Trading floor
Short-selling - borrowing stock to sell, hoping the value drops, then handing it back at a lower value - can be banned by EU regulatorsReuters

Britain is awaiting an imminent ruling in the European Union Court of Justice on its challenge to powers handed to a finance watchdog to ban short-selling, in the first conclusion to several banking-centred legal battles between Westminster and Brussels.

The European Securities and Markets Authority (ESMA) has emergency powers to force a ban on short-selling in individual EU member states if it deems there is a threat to financial stability across the continent.

Though the UK backs the rules, it is pressing for clarity on how they fit with principles established under EU law.

It wants to be sure that states facing a short-selling ban cannot trump the regulator with a legal challenge and prevent immediate action to stabilise markets in the face of a potential crisis. ECJ judges' ruling on ESMA's short-selling powers will come on 22 January.

In September a senior legal adviser to the ECJ, Advocate General Niilo Jaaskinen, backed what the UK had flagged as a concern in the legitimacy of ESMA's short-selling powers.

Jaaskinen said they "go beyond what could be legitimately adopted as a harmonizing measure necessary for the establishment or functioning of the internal market."

Short-selling is the trading strategy of borrowing a certain amount of stock at one price and selling it on, hoping the value falls, then replacing the stock with the borrower at a lower price. The trader's profit is in the difference between the borrowed price and that at which they replace the stock.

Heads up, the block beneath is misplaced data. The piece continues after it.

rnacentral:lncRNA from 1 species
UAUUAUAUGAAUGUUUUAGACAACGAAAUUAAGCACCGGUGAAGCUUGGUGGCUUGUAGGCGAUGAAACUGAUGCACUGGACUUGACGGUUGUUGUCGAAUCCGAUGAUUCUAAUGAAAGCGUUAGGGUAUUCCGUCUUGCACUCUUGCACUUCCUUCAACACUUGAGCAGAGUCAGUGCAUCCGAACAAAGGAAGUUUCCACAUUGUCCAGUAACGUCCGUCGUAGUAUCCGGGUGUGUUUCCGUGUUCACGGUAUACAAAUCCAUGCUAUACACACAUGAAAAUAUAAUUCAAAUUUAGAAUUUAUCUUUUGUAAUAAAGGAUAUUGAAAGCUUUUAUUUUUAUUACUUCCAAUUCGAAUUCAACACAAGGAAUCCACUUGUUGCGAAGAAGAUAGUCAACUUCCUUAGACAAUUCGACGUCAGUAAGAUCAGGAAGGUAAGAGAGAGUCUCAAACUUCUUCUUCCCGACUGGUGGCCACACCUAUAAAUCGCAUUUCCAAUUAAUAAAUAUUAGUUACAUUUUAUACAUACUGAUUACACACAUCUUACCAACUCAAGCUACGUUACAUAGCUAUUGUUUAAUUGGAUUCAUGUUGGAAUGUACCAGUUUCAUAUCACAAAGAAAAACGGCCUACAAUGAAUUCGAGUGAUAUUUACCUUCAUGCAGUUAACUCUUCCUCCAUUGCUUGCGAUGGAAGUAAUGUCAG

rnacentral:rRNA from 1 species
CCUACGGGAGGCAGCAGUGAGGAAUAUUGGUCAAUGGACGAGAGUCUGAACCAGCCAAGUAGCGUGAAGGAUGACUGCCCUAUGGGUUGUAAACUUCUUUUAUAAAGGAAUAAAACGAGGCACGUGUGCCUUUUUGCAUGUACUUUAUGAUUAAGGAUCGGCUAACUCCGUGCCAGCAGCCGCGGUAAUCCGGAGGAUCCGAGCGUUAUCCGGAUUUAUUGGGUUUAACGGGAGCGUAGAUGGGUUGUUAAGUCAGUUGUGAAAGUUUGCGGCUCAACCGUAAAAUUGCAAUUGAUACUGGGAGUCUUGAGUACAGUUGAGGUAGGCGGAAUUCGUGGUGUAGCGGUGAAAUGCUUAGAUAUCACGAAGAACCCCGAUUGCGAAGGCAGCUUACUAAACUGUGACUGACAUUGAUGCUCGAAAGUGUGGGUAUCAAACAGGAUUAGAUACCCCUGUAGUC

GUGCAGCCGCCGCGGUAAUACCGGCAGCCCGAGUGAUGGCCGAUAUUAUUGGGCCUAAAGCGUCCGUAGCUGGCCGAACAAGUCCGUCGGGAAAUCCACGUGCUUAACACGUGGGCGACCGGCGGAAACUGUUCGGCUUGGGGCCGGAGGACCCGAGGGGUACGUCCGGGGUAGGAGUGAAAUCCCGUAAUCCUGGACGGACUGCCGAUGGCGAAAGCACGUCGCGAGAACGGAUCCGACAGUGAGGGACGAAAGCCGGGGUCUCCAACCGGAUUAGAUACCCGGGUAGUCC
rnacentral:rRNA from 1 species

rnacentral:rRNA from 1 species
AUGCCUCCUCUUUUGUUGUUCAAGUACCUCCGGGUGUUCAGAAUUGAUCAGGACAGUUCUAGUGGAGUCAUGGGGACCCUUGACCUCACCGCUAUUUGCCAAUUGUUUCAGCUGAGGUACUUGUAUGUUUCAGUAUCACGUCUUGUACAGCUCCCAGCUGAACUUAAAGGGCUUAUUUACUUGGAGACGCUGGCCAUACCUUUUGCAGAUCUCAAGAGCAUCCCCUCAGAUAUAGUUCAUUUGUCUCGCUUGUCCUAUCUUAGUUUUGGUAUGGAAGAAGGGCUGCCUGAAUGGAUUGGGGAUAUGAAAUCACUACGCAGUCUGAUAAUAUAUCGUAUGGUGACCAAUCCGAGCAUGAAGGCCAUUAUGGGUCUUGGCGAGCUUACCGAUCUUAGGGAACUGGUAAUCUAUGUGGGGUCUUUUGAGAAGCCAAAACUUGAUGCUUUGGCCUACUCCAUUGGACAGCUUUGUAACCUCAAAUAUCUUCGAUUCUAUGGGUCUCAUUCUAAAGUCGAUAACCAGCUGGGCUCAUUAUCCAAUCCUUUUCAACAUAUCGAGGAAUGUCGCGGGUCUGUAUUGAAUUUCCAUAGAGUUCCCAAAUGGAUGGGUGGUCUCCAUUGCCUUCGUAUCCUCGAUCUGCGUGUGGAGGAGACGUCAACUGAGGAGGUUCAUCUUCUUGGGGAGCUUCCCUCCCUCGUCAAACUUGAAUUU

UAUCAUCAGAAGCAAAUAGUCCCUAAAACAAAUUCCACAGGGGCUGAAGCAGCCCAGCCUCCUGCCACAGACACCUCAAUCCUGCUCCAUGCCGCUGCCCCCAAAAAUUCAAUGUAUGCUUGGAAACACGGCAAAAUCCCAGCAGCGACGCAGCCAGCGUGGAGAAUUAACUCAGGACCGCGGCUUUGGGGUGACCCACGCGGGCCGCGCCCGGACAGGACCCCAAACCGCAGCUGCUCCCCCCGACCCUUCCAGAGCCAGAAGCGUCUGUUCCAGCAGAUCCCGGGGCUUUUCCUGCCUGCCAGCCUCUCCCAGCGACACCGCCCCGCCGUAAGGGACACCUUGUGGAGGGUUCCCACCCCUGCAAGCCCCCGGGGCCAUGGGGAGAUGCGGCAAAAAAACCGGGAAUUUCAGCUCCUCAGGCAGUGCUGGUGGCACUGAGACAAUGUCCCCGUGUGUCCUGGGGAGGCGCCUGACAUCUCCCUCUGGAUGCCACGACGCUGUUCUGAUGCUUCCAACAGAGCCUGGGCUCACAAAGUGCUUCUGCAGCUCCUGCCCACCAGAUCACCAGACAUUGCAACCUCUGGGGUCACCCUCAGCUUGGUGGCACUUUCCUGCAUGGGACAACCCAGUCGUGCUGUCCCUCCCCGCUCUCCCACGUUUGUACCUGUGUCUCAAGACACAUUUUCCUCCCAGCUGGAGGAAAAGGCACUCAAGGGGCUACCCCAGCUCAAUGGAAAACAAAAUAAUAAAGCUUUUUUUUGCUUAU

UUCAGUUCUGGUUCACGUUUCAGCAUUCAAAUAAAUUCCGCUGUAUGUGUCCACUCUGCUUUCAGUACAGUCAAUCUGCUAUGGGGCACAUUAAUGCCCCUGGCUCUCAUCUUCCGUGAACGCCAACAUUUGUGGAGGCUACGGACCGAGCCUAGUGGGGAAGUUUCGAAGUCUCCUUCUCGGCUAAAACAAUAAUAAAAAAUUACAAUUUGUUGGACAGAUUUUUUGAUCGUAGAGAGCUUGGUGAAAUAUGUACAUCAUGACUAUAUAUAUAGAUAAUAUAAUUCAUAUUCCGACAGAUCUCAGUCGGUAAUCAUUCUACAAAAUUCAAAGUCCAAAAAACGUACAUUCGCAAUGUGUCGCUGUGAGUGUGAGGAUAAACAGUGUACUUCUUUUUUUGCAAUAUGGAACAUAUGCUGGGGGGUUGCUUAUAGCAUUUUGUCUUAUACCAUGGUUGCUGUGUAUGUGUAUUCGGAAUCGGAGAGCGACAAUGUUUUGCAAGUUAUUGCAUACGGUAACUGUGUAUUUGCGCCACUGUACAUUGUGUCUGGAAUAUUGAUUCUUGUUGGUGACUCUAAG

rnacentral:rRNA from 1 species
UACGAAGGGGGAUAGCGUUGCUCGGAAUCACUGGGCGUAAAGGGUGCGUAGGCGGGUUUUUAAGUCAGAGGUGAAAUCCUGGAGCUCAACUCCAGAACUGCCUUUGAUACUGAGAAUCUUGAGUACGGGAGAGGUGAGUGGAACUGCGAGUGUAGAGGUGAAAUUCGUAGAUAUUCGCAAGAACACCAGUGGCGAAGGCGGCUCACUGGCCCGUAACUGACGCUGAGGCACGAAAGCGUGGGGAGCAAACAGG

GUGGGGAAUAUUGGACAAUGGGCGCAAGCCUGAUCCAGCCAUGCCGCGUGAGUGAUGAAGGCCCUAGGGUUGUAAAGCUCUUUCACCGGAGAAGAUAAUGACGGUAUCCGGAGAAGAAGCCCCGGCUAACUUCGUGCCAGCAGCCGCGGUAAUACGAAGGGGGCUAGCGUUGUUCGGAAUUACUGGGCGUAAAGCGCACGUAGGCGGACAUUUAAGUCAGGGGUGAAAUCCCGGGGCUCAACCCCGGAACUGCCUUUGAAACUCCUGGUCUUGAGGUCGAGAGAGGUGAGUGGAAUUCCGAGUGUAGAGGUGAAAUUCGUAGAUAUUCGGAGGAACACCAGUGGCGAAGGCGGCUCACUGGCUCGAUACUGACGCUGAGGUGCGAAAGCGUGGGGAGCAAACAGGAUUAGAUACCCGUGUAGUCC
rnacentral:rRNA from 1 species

The UK's legal challenge is one of several against the EU's attempts to regulate the financial sector. Most notably it is also battling attempts to bring in an EU-wide financial transaction tax and a cap on bankers' bonuses.

Eleven of the EU's 28 member states, including big-hitters Germany and France, want to tax certain financial transactions (FTT) made every day across Europe.

Under the FTT proposal, shares and bonds transactions would be taxed at 0.1% and derivatives at 0.01%. The EU estimates this would generate revenues of €30-35bn a year.

However the UK has mounted a legal challenge claiming the proposed FTT rules infringes national sovereignty on tax law. Britain is keen to protect London's status as the financial capital of the world and sees the FTT as a threat to its dominance.

"We're not against financial transaction taxes in principle but we are concerned about the extra-territorial aspects of the Commission's proposal and I think that concern is shared by some other countries," said UK Chancellor George Osborne at the time he launched the legal action in April 2013.

Separately the EU wants to cap bankers' bonuses at a maximum of double their salary by 2015, something the UK has also challenged in the European courts.

The UK argues this goes beyond the authority allowed under existing EU treaties. Britain wants to retain power over bonuses and is broadly against caps because shifting financiers' pay to fixed salaries makes it near-impossible to claw back remuneration in the event of misconduct.

Various legal disputes between the UK and EU come with the backdrop of a referendum over Britain's membership of the single market.

If the Conservatives win the 2015 general election they will hold an in/out referendum.

It is their bid to stave off political competition from the anti-EU UK Independence Party (Ukip), which is hoovering up votes from the Tories as it grows in popularity.

There is widespread concern in the UK that Brussels holds too much power, is undemocratic and a bureaucratic mess.

Proponents of the UK staying in the EU point to the economic benefits of belonging to the single market, such as the free movement of labour and free trade with the continent, the country's biggest export market.

Prime Minister David Cameron, a Conservative, said he wants to stay in the EU as long as it reforms itself and hands back powers to individual member states.